The future is now

The softball field that lies between Blair and the fire station sparked Ettinger's interest in sports medicine. She had played softball for most of her life, but she decided not to continue her junior year. "I knew I wasn't going to go far in sports," she says. "But I wanted to go far in the sports scene."

Ettinger, pictured here treating a baseball player with an ice pack, acts as the team trainer at an array of school sports games by helping athletes with medical issues when needed. Molly Ellison
Ettinger, pictured here treating a baseball player with an ice pack, acts as the team trainer at an array of school sports games by helping athletes with medical issues when needed.
This school year, Ettinger has jumped headfirst into athletic training. She was in charge of the girls' basketball team and when one player received a concussion during a game, Ettinger proved to be a valuable commodity. "I went through simple steps," Ettinger says. "I calmed her down, asked her what happened and where it hurts, asked if she felt a tear or crack and then got her off the court."

Ettinger may not hop on ambulances, but like Bullard-Sisken, she is getting a lot of valuable preparation for her future career. She completed an internship with the Thunderbolts, a local minor league baseball team, as an assistant to the trainer, as well as at the Metropolitan Orthopedics and Sports Therapy (MOST) last summer.

"The Thunderbolts was a jumping off point," Ettinger said. She watched the Thunderbolts trainer stretch players and tape their injuries. "Basically, we watched the game and if anything happened we'd go on the field," Ettinger says.

The MOST internship was a different experience entirely. Ettinger mainly shadowed physical therapists. "I got a lot of ice," she says, laughing. Ettinger does not plan on returning to MOST next summer, but did learn from observation, just as Bullard-Sisken continues to do at the fire station.

Healing with hope

Tanisha Henry has had aspirations to become a nurse since she was little, and the medical program at Edison High School is allowing her to jump start her dream.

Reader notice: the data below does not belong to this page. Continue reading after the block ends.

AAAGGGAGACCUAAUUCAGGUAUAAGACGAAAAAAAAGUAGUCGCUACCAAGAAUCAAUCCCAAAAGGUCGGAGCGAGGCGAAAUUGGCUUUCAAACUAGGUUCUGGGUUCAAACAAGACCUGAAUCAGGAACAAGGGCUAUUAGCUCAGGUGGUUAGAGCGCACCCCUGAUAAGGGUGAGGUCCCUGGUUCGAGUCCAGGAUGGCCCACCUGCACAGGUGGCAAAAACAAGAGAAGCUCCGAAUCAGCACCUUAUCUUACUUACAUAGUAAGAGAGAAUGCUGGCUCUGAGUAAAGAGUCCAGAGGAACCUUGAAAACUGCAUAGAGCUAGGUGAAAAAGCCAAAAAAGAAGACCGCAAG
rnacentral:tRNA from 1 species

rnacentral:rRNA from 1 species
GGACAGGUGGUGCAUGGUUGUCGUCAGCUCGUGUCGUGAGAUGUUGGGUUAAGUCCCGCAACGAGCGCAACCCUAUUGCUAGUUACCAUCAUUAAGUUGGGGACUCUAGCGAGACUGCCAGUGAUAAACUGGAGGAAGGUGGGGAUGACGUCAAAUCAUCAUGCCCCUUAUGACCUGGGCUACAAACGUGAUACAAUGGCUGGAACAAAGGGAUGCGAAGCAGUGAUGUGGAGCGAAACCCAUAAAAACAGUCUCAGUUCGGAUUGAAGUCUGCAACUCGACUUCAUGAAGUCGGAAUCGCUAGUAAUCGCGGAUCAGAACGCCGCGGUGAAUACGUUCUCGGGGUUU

Tanisha Henry has had aspirations to become a nurse since she was little, and the medical program at Edison High School is allowing her to jump start her dream.
Henry started attending Edison's medical careers courses at the beginning of the school year, and has become CPR certified and a certified nursing assistant (CAN). I havent gotten my full certification just yet, but I passed my final exam so that should come shortly, she says.

Henry will have an internship at the National Institute of Health (NIH) over the summer, where she will be working on research projects and gaining further knowledge on the subject of medicine.

Henry believes that her optimistic and bubbly personality will help her throughout her soon-to-be medical career. "I will not only take care of my patients security needs, but make sure they are doing well psychologically," she says. Henry's philosophy is to do everything that is possible for a patient, to be a blessing.

Out on their own

Eventually, every Blazer must depart and start their own lives and careers. Some may choose the military, while others choose to work behind a desk. Bullard-Sisken, Ettinger and Henry are examples of students who already have their lives planned out.

Jobs are to make money, but a career is something to revolve your life around, and these students feel that connection each time they put on scrubs, watch a sports game or practice CPR. I just want to be successful and do whatever I can to make my dreams come true," Henry says.

Ettinger stresses that her career choice helps her feel as if she is part of something. I feel like Im in the right spot, where Im supposed to be, she says.

http://silverchips.mbhs.edu/story/10913